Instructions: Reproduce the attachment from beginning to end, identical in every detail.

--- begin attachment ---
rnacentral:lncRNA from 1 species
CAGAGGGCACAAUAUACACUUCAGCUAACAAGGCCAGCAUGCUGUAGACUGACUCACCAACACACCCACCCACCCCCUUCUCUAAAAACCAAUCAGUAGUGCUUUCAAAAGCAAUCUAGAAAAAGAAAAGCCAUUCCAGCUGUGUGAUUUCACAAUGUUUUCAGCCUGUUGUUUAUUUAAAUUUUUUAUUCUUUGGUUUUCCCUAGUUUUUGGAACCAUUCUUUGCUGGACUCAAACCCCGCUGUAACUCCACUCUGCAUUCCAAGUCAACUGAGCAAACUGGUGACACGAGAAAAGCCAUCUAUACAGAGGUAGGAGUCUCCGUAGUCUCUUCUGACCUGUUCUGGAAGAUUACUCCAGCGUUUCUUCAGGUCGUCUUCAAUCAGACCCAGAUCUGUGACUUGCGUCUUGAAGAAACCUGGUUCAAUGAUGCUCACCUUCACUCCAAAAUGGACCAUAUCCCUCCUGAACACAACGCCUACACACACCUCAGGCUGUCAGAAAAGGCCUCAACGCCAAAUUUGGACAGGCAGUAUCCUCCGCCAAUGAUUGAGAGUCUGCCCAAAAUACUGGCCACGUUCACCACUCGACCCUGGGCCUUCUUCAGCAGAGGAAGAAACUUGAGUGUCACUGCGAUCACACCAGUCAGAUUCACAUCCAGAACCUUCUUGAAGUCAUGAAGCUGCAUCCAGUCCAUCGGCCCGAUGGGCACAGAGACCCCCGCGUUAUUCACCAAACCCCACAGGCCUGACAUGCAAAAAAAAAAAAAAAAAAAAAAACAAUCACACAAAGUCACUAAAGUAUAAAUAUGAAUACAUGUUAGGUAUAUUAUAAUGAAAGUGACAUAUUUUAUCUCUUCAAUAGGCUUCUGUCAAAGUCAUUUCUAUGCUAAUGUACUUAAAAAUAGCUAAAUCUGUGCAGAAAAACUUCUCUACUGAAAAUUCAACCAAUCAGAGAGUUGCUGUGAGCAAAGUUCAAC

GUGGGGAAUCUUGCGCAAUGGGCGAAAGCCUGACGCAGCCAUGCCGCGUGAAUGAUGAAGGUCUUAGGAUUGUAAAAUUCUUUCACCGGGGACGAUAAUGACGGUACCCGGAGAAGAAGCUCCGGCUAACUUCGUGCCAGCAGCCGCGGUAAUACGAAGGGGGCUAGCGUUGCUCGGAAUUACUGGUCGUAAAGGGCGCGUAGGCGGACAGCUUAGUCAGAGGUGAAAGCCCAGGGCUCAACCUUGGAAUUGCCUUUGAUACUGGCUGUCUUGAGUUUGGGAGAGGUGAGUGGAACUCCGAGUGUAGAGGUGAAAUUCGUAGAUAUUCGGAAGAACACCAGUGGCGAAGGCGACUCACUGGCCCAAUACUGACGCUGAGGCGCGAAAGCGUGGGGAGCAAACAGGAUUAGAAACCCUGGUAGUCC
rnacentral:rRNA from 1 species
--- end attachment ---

rnacentral:lncRNA from 1 species
CAGAGGGCACAAUAUACACUUCAGCUAACAAGGCCAGCAUGCUGUAGACUGACUCACCAACACACCCACCCACCCCCUUCUCUAAAAACCAAUCAGUAGUGCUUUCAAAAGCAAUCUAGAAAAAGAAAAGCCAUUCCAGCUGUGUGAUUUCACAAUGUUUUCAGCCUGUUGUUUAUUUAAAUUUUUUAUUCUUUGGUUUUCCCUAGUUUUUGGAACCAUUCUUUGCUGGACUCAAACCCCGCUGUAACUCCACUCUGCAUUCCAAGUCAACUGAGCAAACUGGUGACACGAGAAAAGCCAUCUAUACAGAGGUAGGAGUCUCCGUAGUCUCUUCUGACCUGUUCUGGAAGAUUACUCCAGCGUUUCUUCAGGUCGUCUUCAAUCAGACCCAGAUCUGUGACUUGCGUCUUGAAGAAACCUGGUUCAAUGAUGCUCACCUUCACUCCAAAAUGGACCAUAUCCCUCCUGAACACAACGCCUACACACACCUCAGGCUGUCAGAAAAGGCCUCAACGCCAAAUUUGGACAGGCAGUAUCCUCCGCCAAUGAUUGAGAGUCUGCCCAAAAUACUGGCCACGUUCACCACUCGACCCUGGGCCUUCUUCAGCAGAGGAAGAAACUUGAGUGUCACUGCGAUCACACCAGUCAGAUUCACAUCCAGAACCUUCUUGAAGUCAUGAAGCUGCAUCCAGUCCAUCGGCCCGAUGGGCACAGAGACCCCCGCGUUAUUCACCAAACCCCACAGGCCUGACAUGCAAAAAAAAAAAAAAAAAAAAAAACAAUCACACAAAGUCACUAAAGUAUAAAUAUGAAUACAUGUUAGGUAUAUUAUAAUGAAAGUGACAUAUUUUAUCUCUUCAAUAGGCUUCUGUCAAAGUCAUUUCUAUGCUAAUGUACUUAAAAAUAGCUAAAUCUGUGCAGAAAAACUUCUCUACUGAAAAUUCAACCAAUCAGAGAGUUGCUGUGAGCAAAGUUCAAC

GUGGGGAAUCUUGCGCAAUGGGCGAAAGCCUGACGCAGCCAUGCCGCGUGAAUGAUGAAGGUCUUAGGAUUGUAAAAUUCUUUCACCGGGGACGAUAAUGACGGUACCCGGAGAAGAAGCUCCGGCUAACUUCGUGCCAGCAGCCGCGGUAAUACGAAGGGGGCUAGCGUUGCUCGGAAUUACUGGUCGUAAAGGGCGCGUAGGCGGACAGCUUAGUCAGAGGUGAAAGCCCAGGGCUCAACCUUGGAAUUGCCUUUGAUACUGGCUGUCUUGAGUUUGGGAGAGGUGAGUGGAACUCCGAGUGUAGAGGUGAAAUUCGUAGAUAUUCGGAAGAACACCAGUGGCGAAGGCGACUCACUGGCCCAAUACUGACGCUGAGGCGCGAAAGCGUGGGGAGCAAACAGGAUUAGAAACCCUGGUAGUCC
rnacentral:rRNA from 1 species